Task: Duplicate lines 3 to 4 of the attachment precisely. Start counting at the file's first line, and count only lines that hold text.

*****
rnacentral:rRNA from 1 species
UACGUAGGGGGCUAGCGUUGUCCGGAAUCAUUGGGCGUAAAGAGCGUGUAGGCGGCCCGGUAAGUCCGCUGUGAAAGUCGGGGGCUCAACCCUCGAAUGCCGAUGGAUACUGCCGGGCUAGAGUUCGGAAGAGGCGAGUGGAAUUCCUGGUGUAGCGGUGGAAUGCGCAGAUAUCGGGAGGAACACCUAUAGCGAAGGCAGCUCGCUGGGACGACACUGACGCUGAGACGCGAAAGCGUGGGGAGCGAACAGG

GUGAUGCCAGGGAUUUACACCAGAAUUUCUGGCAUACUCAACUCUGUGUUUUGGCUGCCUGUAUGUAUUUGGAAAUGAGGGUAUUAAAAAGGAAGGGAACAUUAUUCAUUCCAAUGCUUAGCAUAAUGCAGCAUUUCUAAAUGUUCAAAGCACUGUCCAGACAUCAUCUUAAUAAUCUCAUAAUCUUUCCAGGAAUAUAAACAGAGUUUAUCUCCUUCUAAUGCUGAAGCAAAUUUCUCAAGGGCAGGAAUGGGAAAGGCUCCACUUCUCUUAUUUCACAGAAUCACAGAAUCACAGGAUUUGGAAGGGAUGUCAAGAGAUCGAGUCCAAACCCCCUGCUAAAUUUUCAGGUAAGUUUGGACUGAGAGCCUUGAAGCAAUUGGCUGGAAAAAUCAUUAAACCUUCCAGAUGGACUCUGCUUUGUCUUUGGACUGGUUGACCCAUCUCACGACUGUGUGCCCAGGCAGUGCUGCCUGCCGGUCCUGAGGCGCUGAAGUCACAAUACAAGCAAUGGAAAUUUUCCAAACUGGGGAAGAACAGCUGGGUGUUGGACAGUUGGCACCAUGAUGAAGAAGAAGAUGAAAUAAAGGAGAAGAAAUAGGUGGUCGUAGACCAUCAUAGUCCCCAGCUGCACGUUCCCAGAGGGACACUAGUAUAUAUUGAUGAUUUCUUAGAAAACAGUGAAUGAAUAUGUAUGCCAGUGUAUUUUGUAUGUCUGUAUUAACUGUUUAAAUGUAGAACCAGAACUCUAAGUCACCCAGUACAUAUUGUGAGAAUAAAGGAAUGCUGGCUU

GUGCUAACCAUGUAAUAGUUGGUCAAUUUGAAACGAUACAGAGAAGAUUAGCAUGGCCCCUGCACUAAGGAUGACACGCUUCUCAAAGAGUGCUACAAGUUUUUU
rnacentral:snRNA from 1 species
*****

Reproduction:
GUGAUGCCAGGGAUUUACACCAGAAUUUCUGGCAUACUCAACUCUGUGUUUUGGCUGCCUGUAUGUAUUUGGAAAUGAGGGUAUUAAAAAGGAAGGGAACAUUAUUCAUUCCAAUGCUUAGCAUAAUGCAGCAUUUCUAAAUGUUCAAAGCACUGUCCAGACAUCAUCUUAAUAAUCUCAUAAUCUUUCCAGGAAUAUAAACAGAGUUUAUCUCCUUCUAAUGCUGAAGCAAAUUUCUCAAGGGCAGGAAUGGGAAAGGCUCCACUUCUCUUAUUUCACAGAAUCACAGAAUCACAGGAUUUGGAAGGGAUGUCAAGAGAUCGAGUCCAAACCCCCUGCUAAAUUUUCAGGUAAGUUUGGACUGAGAGCCUUGAAGCAAUUGGCUGGAAAAAUCAUUAAACCUUCCAGAUGGACUCUGCUUUGUCUUUGGACUGGUUGACCCAUCUCACGACUGUGUGCCCAGGCAGUGCUGCCUGCCGGUCCUGAGGCGCUGAAGUCACAAUACAAGCAAUGGAAAUUUUCCAAACUGGGGAAGAACAGCUGGGUGUUGGACAGUUGGCACCAUGAUGAAGAAGAAGAUGAAAUAAAGGAGAAGAAAUAGGUGGUCGUAGACCAUCAUAGUCCCCAGCUGCACGUUCCCAGAGGGACACUAGUAUAUAUUGAUGAUUUCUUAGAAAACAGUGAAUGAAUAUGUAUGCCAGUGUAUUUUGUAUGUCUGUAUUAACUGUUUAAAUGUAGAACCAGAACUCUAAGUCACCCAGUACAUAUUGUGAGAAUAAAGGAAUGCUGGCUU

GUGCUAACCAUGUAAUAGUUGGUCAAUUUGAAACGAUACAGAGAAGAUUAGCAUGGCCCCUGCACUAAGGAUGACACGCUUCUCAAAGAGUGCUACAAGUUUUUU